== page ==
I. Rotor Size
The larger the rotor diameter, the more brake power will be generated for a given input. Industry practices tend to specify 160mm rotors for XC application and 203mm rotors for DH applications. Larger rotors require less lever effort to generate a given amount of brake power, however inherently seem “grabby” and slightly more difficult to modulate.
II. Important Specifications
Rotor hardness is a direct correlation to wear characteristics. Friction materials can be very aggressive and achieve high temperatures.
B. Run out
In order to ensure no free running drag, when mounted on a hub rotors must not have any “wobble” that would take up any pad clearance and drag on the pads.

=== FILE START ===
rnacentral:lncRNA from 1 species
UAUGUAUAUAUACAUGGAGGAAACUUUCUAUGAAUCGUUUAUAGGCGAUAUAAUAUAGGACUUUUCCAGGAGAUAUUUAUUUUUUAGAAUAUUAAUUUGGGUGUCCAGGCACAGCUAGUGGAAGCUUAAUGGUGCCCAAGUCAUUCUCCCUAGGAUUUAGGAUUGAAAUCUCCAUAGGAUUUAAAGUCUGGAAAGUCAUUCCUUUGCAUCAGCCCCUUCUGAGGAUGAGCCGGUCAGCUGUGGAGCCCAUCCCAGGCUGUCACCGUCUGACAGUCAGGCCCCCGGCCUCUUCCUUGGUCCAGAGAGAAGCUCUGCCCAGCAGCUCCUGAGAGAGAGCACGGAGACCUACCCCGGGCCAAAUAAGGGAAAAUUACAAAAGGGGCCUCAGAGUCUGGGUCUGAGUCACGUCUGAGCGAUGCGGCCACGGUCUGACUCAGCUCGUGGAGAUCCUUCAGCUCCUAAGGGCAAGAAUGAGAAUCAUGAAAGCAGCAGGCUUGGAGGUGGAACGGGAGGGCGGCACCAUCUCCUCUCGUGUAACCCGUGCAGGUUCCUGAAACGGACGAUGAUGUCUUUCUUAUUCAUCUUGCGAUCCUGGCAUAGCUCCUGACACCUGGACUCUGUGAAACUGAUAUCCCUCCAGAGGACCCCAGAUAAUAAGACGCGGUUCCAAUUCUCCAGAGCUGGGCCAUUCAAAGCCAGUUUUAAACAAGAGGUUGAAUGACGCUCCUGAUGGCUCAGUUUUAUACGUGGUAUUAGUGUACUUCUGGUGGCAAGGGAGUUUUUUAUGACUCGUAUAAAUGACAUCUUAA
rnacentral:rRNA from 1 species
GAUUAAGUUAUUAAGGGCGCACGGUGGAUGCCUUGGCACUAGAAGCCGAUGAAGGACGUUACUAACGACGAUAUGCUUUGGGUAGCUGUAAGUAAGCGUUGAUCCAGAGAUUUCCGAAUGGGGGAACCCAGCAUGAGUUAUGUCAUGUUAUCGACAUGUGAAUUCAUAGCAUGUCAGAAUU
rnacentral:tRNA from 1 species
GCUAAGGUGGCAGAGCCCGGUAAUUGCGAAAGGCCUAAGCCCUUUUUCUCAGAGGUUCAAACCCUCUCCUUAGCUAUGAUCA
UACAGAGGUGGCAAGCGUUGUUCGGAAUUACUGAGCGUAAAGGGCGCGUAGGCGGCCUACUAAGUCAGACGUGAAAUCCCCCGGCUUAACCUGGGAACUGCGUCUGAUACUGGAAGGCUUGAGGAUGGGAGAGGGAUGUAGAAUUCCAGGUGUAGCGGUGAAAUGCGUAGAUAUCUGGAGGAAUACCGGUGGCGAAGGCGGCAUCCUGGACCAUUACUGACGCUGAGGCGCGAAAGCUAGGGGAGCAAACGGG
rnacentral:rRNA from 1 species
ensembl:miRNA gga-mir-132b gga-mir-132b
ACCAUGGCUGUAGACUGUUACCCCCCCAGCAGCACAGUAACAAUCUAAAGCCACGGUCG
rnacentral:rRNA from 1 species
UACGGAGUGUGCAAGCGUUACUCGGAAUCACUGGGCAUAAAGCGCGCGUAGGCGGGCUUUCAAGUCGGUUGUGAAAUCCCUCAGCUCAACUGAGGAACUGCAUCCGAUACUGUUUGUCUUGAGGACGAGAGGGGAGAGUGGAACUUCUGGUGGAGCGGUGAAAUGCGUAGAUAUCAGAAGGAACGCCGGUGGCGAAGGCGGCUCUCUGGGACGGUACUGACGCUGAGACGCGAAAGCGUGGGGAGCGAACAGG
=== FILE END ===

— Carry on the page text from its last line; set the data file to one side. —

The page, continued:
C. Thickness Variation
Thickness variation must be kept to a minimum. Thickness differences in the rotor can cause pulsing in both the vehicle and the lever as thicker and thinner sections pass through the caliper pads.
III. Rub Area Design
The rub area of a rotor must be designed carefully. The rub area must provide adequate surface area to support the brake pads while braking. They must also have the proper cutouts to provide pad cleaning during braking. Finally, burnish, power, heat and noise issues are also considered when designing a rub area pattern.